America's Leading Doctors: Psychiatry - Black Enterprise
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America’s Leading Doctors: Psychiatry

Mental health remains a critical issue in America. A recent study funded by the National Institute of Mental Health found that major mental disorders cost the nation at least $193 billion annually in earning potential. We have identified the leading practitioners among more than 1,500 black psychiatrists who have handled the toughest mental health cases related to, among other conditions, phobias, eating disorders, depression, schizophrenia, and substance abuse. In selecting America’s Leading Doctors in the area of psychiatry, we used the following criteria:

_ All physicians are leaders in the area of psychiatry.

_All were confirmed as being certified (as of March 21, 2008) in accordance with the American Board of Medical Specialties, a nonprofit organization that helps 24 approved medical specialty boards in the creation and use of standards in the evaluation of doctors.

_We did not include physicians who are retired, who are engaged purely in medical research, who no longer treat patients, or who are no longer affiliated with the medical profession.

_We have identified these psychiatrists by consulting leading physicians, top-ranked medical schools, and organizations such as the Black Psychiatrists of America and American Psychiatric Association.

Started as the black caucus of the American Psychiatric Association, the Black Psychiatrists of America was founded by a handful of African Americans in 1967. They felt a need to address problems that weren’t receiving much attention from the mainstream organization.

One of the founders, Dr. James P. Comer, later reached a startling personal conclusion. “Psychiatrists working with individual patients aren’t going to make the big difference for the black community,” says Comer, 73, the Maurice Falk Professor of Child Psychiatry at the Yale University School of Medicine’s Child Study Center. “A major part of the behavioral problems you see among African Americans are economic and political at [the] root.” Internationally known for creating the Comer School Development Program, his work gravitated toward helping African American and other marginalized children excel in academic and social settings.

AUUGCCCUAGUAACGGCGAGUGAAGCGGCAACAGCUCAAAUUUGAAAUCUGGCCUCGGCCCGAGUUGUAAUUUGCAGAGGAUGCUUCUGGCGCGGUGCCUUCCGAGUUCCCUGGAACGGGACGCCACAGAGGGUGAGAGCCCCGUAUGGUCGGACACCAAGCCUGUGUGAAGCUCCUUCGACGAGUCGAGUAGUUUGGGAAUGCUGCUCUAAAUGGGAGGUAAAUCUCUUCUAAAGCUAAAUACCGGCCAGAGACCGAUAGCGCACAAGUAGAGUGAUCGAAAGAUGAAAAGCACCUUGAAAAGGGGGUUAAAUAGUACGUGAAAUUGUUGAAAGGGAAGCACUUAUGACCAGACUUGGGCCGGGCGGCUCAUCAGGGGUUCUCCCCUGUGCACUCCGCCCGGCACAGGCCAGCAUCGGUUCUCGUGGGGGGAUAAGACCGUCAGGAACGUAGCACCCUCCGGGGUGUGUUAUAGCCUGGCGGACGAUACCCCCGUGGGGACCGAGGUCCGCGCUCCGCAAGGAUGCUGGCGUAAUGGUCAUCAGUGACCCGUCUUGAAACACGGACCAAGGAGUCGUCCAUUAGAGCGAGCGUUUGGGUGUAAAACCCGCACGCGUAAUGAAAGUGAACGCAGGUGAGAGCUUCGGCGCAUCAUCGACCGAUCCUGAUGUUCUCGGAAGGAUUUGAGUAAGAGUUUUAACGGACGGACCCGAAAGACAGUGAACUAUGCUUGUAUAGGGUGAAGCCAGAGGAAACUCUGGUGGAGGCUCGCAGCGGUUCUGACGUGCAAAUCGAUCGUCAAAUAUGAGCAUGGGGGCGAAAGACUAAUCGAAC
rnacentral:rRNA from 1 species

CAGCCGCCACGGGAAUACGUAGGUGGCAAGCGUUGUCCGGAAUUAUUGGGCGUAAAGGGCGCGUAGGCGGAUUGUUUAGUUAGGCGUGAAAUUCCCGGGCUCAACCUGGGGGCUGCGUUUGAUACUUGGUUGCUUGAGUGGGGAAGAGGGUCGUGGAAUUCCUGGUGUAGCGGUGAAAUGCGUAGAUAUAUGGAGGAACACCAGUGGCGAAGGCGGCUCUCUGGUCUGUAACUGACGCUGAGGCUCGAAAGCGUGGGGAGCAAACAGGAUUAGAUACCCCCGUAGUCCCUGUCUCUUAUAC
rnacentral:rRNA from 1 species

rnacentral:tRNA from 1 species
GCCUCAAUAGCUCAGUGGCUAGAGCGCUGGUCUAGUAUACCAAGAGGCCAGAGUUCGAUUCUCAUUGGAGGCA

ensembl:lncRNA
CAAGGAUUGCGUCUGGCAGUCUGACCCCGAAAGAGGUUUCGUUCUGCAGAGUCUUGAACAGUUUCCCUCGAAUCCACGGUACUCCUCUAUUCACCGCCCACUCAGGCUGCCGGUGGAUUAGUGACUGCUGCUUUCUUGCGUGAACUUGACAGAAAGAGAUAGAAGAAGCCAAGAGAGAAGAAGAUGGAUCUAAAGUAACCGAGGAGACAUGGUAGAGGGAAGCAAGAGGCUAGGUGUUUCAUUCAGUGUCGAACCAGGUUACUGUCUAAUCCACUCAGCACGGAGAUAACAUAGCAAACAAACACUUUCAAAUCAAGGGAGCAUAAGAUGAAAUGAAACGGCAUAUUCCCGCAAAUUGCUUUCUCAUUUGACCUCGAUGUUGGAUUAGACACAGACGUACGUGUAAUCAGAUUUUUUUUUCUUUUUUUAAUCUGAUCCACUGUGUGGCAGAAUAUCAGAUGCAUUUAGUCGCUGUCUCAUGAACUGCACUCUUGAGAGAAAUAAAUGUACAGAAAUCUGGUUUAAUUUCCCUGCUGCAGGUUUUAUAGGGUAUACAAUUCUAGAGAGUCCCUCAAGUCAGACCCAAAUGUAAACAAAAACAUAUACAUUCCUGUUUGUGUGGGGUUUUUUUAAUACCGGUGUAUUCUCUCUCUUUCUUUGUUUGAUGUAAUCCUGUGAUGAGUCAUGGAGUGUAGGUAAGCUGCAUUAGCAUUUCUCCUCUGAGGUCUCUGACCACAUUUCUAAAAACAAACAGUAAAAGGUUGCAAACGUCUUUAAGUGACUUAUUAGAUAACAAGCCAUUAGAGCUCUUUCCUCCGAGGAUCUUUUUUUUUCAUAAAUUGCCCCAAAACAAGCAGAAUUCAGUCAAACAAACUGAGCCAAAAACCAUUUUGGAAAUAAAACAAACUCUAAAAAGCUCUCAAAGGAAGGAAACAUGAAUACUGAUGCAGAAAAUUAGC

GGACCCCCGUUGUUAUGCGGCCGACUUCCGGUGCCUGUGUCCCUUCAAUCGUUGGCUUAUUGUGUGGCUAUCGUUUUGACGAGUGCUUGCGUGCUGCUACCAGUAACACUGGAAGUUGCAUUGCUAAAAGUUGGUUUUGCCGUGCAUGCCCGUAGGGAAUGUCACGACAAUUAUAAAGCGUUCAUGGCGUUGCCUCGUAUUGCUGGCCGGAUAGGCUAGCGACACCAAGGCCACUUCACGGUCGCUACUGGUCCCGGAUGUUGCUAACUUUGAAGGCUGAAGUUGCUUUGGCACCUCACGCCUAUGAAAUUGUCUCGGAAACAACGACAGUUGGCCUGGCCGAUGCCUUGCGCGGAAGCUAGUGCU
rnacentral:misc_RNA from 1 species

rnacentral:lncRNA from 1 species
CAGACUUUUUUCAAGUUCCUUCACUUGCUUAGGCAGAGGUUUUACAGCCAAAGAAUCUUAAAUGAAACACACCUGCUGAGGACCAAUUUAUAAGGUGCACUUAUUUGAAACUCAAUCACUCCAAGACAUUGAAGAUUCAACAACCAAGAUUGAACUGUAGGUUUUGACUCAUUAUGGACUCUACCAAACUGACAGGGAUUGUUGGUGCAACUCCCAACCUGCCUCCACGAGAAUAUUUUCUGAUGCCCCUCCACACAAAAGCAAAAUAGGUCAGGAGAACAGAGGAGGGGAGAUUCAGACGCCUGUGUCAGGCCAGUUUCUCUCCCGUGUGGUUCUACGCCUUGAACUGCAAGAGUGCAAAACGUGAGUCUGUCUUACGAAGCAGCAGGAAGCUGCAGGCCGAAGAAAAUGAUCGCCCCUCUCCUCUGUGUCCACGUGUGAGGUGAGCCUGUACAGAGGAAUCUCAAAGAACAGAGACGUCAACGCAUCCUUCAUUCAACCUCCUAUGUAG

Comer believes psychiatrists can and should play a vital role in helping people understand how negative political and economic conditions lead to behavioral and social problems.  Other top black psychiatrists view key issues related to their profession a bit differently. “The greatest challenge is reducing the disparities in access to care, especially newer treatments, for African Americans. The second biggest challenge is combining the paradigm of culture with the current focus on human genetics,” says Dr. William B. Lawson of Howard University College of Medicine. Adds Dr. David Henderson of Harvard Medical School: “I think the greatest issue challenging black psychiatrists is the lack of clinical researchers and, more importantly, research dollars to conduct the appropriate studies in order to understand how to best care for black patients.”

Dr. Ezra